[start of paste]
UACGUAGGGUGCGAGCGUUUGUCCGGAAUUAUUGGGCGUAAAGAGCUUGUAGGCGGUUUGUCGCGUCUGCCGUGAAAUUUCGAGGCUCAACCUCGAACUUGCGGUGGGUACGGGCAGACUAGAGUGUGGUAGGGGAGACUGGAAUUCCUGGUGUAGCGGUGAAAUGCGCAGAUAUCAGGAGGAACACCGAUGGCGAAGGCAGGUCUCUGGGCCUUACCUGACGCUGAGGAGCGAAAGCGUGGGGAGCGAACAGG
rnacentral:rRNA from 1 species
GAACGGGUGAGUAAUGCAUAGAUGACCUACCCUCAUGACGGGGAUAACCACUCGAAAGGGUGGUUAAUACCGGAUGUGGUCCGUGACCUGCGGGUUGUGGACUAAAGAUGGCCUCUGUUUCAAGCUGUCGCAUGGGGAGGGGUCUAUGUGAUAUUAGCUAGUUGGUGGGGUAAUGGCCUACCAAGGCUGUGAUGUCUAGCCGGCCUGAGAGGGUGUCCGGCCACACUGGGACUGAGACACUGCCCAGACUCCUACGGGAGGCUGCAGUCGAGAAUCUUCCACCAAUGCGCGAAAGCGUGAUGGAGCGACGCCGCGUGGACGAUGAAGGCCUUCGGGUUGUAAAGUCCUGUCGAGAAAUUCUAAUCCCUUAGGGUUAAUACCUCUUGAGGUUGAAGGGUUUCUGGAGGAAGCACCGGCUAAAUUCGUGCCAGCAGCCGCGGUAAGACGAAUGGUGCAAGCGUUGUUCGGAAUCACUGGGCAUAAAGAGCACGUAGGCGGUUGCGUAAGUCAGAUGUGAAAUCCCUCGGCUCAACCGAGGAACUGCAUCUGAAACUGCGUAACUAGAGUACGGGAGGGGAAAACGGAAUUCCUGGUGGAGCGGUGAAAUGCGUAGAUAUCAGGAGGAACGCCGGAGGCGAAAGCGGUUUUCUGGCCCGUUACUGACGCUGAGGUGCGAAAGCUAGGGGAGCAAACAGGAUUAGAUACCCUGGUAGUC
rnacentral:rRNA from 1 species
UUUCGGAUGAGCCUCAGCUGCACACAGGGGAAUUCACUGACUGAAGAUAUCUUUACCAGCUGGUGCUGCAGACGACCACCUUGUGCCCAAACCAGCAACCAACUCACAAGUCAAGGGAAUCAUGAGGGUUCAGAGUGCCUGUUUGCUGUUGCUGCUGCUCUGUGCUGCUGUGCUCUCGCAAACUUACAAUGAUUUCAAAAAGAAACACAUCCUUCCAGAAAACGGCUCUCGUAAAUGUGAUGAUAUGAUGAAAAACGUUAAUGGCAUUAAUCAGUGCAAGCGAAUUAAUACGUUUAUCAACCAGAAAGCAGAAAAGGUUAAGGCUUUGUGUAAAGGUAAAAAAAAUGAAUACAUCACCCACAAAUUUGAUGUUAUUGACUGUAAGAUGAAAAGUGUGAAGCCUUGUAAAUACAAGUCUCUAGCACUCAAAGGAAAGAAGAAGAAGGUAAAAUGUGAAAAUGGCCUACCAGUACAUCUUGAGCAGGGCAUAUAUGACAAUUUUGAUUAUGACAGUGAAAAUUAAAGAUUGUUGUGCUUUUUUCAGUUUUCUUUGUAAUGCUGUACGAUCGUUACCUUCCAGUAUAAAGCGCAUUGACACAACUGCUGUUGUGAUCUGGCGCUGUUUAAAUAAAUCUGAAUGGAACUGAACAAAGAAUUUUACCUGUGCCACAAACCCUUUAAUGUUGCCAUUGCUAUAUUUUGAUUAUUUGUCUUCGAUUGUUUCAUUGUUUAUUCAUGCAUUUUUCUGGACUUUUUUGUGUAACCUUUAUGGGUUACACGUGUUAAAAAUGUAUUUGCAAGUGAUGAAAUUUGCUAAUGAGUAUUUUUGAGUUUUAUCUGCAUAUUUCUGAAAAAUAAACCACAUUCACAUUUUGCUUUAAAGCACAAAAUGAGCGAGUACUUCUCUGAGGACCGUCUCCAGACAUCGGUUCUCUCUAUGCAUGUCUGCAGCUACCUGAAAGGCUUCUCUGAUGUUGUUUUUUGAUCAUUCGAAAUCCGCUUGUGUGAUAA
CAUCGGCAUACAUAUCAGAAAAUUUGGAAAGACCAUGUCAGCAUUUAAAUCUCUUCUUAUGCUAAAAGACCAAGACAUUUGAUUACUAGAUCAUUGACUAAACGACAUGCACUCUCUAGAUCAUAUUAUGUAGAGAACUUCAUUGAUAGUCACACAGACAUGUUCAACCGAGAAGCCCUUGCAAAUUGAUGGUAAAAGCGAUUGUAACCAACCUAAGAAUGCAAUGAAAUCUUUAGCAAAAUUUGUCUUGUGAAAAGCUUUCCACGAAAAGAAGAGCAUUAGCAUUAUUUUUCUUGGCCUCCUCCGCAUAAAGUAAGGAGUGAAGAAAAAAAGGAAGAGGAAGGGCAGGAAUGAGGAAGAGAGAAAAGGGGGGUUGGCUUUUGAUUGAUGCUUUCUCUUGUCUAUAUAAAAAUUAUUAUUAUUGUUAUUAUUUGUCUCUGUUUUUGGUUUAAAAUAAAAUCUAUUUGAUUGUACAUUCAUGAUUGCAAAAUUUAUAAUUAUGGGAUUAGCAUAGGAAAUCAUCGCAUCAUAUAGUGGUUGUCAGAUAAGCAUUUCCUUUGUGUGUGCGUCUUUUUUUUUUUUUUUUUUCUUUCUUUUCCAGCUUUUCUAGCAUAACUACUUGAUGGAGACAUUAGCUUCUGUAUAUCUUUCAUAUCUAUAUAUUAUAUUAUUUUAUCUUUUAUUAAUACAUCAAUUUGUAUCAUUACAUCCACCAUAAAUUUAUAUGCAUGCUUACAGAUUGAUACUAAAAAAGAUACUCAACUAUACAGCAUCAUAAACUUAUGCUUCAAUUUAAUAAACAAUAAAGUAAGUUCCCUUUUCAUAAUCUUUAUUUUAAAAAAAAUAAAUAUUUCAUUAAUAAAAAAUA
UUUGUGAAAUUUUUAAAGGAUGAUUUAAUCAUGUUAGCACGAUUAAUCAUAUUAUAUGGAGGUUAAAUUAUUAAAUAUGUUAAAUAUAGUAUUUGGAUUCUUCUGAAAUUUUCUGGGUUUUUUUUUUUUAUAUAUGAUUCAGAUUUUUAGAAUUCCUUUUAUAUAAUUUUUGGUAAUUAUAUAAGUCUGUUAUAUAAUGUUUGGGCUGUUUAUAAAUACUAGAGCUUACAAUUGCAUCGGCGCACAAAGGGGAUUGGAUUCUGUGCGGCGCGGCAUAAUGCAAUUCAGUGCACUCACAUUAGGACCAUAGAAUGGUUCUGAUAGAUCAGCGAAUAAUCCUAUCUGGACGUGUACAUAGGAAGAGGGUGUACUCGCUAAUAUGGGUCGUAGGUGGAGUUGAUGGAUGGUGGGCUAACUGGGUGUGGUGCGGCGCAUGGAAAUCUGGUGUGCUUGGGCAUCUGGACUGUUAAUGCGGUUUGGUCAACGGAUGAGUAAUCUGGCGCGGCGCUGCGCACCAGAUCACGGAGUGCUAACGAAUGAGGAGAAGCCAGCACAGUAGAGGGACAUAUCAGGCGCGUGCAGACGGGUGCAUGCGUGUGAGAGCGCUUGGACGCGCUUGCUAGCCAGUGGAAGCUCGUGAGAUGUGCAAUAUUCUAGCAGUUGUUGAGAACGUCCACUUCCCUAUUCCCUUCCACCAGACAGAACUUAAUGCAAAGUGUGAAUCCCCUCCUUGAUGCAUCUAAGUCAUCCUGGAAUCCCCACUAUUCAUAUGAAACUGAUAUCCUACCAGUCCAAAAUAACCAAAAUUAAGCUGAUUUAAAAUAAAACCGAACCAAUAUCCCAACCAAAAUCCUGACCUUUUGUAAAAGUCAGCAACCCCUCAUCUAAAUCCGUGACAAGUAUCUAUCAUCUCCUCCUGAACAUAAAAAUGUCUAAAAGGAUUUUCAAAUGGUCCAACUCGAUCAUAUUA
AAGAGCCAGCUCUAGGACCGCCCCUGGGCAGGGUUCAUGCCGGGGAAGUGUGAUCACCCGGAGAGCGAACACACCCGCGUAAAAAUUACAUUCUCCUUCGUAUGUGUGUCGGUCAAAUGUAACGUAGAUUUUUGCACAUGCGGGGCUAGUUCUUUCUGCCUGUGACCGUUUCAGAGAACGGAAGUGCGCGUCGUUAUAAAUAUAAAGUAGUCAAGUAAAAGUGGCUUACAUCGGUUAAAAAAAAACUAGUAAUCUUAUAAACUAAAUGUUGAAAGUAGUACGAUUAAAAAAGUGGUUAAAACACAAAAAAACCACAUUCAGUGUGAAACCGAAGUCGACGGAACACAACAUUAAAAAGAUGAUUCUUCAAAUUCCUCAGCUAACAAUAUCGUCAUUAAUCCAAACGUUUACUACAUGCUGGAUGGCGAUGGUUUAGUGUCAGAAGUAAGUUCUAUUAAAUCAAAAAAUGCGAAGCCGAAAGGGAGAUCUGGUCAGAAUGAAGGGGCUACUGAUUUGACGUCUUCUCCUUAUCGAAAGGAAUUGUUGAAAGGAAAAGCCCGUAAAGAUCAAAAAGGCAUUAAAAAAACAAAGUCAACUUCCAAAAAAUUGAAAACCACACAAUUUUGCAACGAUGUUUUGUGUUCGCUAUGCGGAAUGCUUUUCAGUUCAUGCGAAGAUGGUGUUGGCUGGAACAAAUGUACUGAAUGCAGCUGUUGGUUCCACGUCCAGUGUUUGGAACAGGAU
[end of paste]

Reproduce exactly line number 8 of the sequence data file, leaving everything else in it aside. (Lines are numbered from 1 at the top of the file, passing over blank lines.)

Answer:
AAGAGCCAGCUCUAGGACCGCCCCUGGGCAGGGUUCAUGCCGGGGAAGUGUGAUCACCCGGAGAGCGAACACACCCGCGUAAAAAUUACAUUCUCCUUCGUAUGUGUGUCGGUCAAAUGUAACGUAGAUUUUUGCACAUGCGGGGCUAGUUCUUUCUGCCUGUGACCGUUUCAGAGAACGGAAGUGCGCGUCGUUAUAAAUAUAAAGUAGUCAAGUAAAAGUGGCUUACAUCGGUUAAAAAAAAACUAGUAAUCUUAUAAACUAAAUGUUGAAAGUAGUACGAUUAAAAAAGUGGUUAAAACACAAAAAAACCACAUUCAGUGUGAAACCGAAGUCGACGGAACACAACAUUAAAAAGAUGAUUCUUCAAAUUCCUCAGCUAACAAUAUCGUCAUUAAUCCAAACGUUUACUACAUGCUGGAUGGCGAUGGUUUAGUGUCAGAAGUAAGUUCUAUUAAAUCAAAAAAUGCGAAGCCGAAAGGGAGAUCUGGUCAGAAUGAAGGGGCUACUGAUUUGACGUCUUCUCCUUAUCGAAAGGAAUUGUUGAAAGGAAAAGCCCGUAAAGAUCAAAAAGGCAUUAAAAAAACAAAGUCAACUUCCAAAAAAUUGAAAACCACACAAUUUUGCAACGAUGUUUUGUGUUCGCUAUGCGGAAUGCUUUUCAGUUCAUGCGAAGAUGGUGUUGGCUGGAACAAAUGUACUGAAUGCAGCUGUUGGUUCCACGUCCAGUGUUUGGAACAGGAU